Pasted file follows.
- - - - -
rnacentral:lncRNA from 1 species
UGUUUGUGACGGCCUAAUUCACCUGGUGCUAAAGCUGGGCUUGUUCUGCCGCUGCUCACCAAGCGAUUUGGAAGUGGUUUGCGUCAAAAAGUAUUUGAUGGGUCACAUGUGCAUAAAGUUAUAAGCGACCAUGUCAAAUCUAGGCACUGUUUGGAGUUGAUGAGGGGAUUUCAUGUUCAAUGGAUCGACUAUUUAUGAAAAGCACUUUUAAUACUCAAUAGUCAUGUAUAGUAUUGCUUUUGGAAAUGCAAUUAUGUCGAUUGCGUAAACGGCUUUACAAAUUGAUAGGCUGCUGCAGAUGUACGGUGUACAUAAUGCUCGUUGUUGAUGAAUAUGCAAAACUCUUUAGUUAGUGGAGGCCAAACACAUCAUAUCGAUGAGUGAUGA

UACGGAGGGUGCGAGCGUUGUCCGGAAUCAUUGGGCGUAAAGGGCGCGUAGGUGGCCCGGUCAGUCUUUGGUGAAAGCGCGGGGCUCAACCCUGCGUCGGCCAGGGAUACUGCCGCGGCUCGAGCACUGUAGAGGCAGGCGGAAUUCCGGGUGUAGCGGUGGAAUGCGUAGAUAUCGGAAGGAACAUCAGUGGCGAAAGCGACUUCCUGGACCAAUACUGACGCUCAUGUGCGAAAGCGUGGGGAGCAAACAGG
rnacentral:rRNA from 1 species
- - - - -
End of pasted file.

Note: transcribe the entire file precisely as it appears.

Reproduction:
rnacentral:lncRNA from 1 species
UGUUUGUGACGGCCUAAUUCACCUGGUGCUAAAGCUGGGCUUGUUCUGCCGCUGCUCACCAAGCGAUUUGGAAGUGGUUUGCGUCAAAAAGUAUUUGAUGGGUCACAUGUGCAUAAAGUUAUAAGCGACCAUGUCAAAUCUAGGCACUGUUUGGAGUUGAUGAGGGGAUUUCAUGUUCAAUGGAUCGACUAUUUAUGAAAAGCACUUUUAAUACUCAAUAGUCAUGUAUAGUAUUGCUUUUGGAAAUGCAAUUAUGUCGAUUGCGUAAACGGCUUUACAAAUUGAUAGGCUGCUGCAGAUGUACGGUGUACAUAAUGCUCGUUGUUGAUGAAUAUGCAAAACUCUUUAGUUAGUGGAGGCCAAACACAUCAUAUCGAUGAGUGAUGA

UACGGAGGGUGCGAGCGUUGUCCGGAAUCAUUGGGCGUAAAGGGCGCGUAGGUGGCCCGGUCAGUCUUUGGUGAAAGCGCGGGGCUCAACCCUGCGUCGGCCAGGGAUACUGCCGCGGCUCGAGCACUGUAGAGGCAGGCGGAAUUCCGGGUGUAGCGGUGGAAUGCGUAGAUAUCGGAAGGAACAUCAGUGGCGAAAGCGACUUCCUGGACCAAUACUGACGCUCAUGUGCGAAAGCGUGGGGAGCAAACAGG
rnacentral:rRNA from 1 species